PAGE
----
Why Tom DeLonge’s UFO Efforts Should Be Taken Seriously
2020 has been a pivotal year for many reasons. COVID-19, Black Lives Matter protests and the 2020 election have dominated the American news cycle, but one big story which has gone under the radar (ironically) is the topic of UFOs.
The subject of UFOs (and former blink-182 guitarist Tom DeLonge’s research of such aerial phenomena) has become increasingly compelling over the years.
DeLonge’s organization, To The Stars Academy of Arts & Science, famously published viral UFO videos — Gimbal, Go Fast and FLIR1 — to YouTube in 2017 and 2018. In 2019, the U.S. Navy officially acknowledged the videos, categorizing “the phenomena contained/depicted” in all three clips as “unidentified” rather than attempting to classify the objects as drones or weather balloons, etc. More so, the videos were officially published in 2020 by the Navy, who confirmed the clips were “original, unaltered, and not computer generated or artificially fabricated.”
To The Stars scored the government nod as a win, as DeLonge did yesterday (Oct. 12) when former U.S. Sen.Harry Reid went on record to claim the government is covering up crucial UFO evidence.
“Why the federal government all these years has covered up, put brake pads on everything, stopped it, I think it’s very, very bad for our country,” Reid says in a new documentary The Phenomenon. When asked by director James Fox if “some evidence” hasn’t yet seen the light of day, Reid responds, “I’m saying most of it hasn’t seen the light of day.”
This begs the question: Has Tom DeLonge been right this whole time?
To be clear, 'UFO' doesn’t necessarily mean aliens, it simply references the term’s actual definition — Unidentified Flying Object. Scientists have put forth detailed arguments in an attempt to debunk the famous UFO clips, but for DeLonge, his overall argument ventures beyond a few mysterious videos.
In 2019, To The Stars claimed that materials “not from any known existing military or commercial application” existed on Earth. A photo of a cloth-like substance was posted by To The Stars' Twitter with a promise to continue researching the mystery material.
Though many ignored or laughed off the report, a similar subject received national attention in 2020 when astrophysicist Eric Davis spoke about his time investigating UFOs for the Advanced Aerospace Threat Identification Program at the Department of Defense. Davis, who now works for defense contractors Aerospace Corporation, claimed the AATIP retrieved materials from “off-world vehicles not made on this earth,” adding that after personally examining said materials, he concluded humans could not have made them.
In June 2020, a new program called the Unidentified Aerial Phenomena Task Force was officially detailed during a United States Senate Select Committee on Intelligence hearing.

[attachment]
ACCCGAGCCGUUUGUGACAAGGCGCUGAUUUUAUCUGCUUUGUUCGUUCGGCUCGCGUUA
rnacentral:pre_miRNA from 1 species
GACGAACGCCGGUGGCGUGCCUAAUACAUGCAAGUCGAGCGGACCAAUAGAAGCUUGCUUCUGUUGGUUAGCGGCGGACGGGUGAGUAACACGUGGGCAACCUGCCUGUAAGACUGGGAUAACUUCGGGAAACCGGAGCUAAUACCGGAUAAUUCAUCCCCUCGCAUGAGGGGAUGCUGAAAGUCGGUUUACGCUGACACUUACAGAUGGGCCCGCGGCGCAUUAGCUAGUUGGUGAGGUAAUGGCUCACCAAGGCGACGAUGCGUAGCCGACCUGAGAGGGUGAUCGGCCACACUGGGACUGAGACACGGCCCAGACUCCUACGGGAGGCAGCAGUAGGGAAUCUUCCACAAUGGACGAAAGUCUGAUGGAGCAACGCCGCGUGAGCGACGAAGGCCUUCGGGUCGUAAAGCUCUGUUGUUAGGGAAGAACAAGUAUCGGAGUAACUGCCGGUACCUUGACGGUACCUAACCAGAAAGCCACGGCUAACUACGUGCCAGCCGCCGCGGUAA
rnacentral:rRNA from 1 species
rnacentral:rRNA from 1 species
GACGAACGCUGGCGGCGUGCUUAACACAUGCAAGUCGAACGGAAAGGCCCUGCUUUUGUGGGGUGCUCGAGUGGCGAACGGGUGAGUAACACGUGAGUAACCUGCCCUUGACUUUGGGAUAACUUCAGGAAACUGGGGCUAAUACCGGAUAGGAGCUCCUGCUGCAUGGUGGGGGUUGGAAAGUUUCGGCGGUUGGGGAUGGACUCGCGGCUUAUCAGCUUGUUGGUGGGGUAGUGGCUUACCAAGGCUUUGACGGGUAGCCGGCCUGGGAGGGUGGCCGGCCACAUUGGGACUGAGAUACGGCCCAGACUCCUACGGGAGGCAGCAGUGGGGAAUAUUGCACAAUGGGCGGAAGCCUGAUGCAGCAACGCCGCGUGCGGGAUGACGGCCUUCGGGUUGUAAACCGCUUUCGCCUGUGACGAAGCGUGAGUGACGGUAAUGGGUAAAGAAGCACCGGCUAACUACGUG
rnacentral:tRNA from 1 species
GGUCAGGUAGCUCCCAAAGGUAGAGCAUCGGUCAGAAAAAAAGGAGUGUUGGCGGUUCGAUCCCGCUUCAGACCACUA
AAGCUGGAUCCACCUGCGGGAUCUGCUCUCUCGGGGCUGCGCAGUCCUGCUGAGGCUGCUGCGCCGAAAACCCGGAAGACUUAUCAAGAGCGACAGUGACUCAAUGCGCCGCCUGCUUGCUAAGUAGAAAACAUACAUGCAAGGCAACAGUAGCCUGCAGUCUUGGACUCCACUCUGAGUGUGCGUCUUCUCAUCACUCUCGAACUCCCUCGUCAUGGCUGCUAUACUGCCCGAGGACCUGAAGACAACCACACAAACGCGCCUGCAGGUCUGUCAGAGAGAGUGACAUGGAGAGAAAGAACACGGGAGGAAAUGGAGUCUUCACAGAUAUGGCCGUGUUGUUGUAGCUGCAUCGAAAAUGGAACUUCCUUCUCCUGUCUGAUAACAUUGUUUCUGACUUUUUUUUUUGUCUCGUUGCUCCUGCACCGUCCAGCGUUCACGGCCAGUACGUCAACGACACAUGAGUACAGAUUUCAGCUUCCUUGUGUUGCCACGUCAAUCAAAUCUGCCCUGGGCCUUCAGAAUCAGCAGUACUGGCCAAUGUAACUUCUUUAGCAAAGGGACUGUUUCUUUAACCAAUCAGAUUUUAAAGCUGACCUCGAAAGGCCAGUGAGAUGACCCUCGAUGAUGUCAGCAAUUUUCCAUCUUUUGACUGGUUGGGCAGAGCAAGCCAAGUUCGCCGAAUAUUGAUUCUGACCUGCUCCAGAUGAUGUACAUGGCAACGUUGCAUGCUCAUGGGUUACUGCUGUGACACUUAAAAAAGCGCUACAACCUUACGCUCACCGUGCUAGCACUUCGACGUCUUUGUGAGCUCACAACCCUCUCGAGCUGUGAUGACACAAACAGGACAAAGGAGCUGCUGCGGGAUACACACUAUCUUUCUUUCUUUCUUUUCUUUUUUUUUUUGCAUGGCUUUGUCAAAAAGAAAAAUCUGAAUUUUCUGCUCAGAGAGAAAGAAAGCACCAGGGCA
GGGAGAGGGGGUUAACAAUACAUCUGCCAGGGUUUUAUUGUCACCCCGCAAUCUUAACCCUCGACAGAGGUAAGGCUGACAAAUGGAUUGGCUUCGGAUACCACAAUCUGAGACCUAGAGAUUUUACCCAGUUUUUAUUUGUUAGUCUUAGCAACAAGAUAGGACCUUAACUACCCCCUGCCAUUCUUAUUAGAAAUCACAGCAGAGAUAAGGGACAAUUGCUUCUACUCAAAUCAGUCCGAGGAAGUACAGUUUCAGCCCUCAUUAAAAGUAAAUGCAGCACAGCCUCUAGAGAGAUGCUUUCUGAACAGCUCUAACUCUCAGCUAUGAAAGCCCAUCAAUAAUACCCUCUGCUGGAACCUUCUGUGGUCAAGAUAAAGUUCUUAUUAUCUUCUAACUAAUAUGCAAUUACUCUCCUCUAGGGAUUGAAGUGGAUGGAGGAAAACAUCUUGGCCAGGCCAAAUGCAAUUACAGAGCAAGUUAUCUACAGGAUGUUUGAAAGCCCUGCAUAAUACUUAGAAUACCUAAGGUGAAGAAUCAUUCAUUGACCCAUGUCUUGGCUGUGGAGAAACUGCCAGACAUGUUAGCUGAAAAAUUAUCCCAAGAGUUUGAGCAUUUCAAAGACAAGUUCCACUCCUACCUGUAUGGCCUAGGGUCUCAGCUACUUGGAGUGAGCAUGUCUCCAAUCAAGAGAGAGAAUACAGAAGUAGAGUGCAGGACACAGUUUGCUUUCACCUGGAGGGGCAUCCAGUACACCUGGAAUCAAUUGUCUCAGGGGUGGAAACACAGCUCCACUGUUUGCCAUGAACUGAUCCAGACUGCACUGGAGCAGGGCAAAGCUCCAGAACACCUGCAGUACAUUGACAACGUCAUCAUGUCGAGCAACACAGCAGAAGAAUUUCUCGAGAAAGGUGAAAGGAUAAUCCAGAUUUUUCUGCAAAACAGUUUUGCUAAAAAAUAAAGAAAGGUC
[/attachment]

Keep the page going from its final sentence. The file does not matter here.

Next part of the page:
These developments have arguably left us with more questions than answers, but at the tail end of the 2010s, polling company Gallup decided to directly ask Americans about UFOs for the first time in a decade. They found that 60 percent of those polled believed that UFO sightings could be explained by human activity or natural phenomena.
However, 33 percent said they believed UFO sightings could be attributed to visits from extraterrestrial life. In America’s West, the number was as high as 40 percent, balancing out a lesser crop of believers (27 percent) in the Midwest. These numbers are still down from a Gallup poll taken in 1973, when 51 percent of Americans expressed a belief in UFOs.
When Gallup asked Americans if they believed the U.S. government know more about UFOs than they've told us, the number of skeptics actually increased since 1996. 29 percent of those polled in 2019 said “no” outright, while just 19 percent gave that same answer 23 years earlier. Of course, the developments of 2020 may shift the next Gallup poll, whenever that may be.
Tom DeLonge famously wrote “Alien’s Exist” from blink-182’s massive 1999 breakout album, Enema of the State. He sang lines like “What if people knew that these were real” and “I wish someone would tell me what was right” long before dedicating his life to those very premises. Sure, DeLonge used to look for Bigfoot on blink-182 tours and has possibly stretched the truth about recent communication with his former bandmates, but some of his UFO work has proved to be more compelling than most (Loudwire included) gave him credit for.
Whether Tom DeLonge's alien theories are proven correct or every bit of UFO evidence is scientifically debunked, recent developments should earn the pop-punk guitarist one vital bit of respect — his efforts should be taken seriously.
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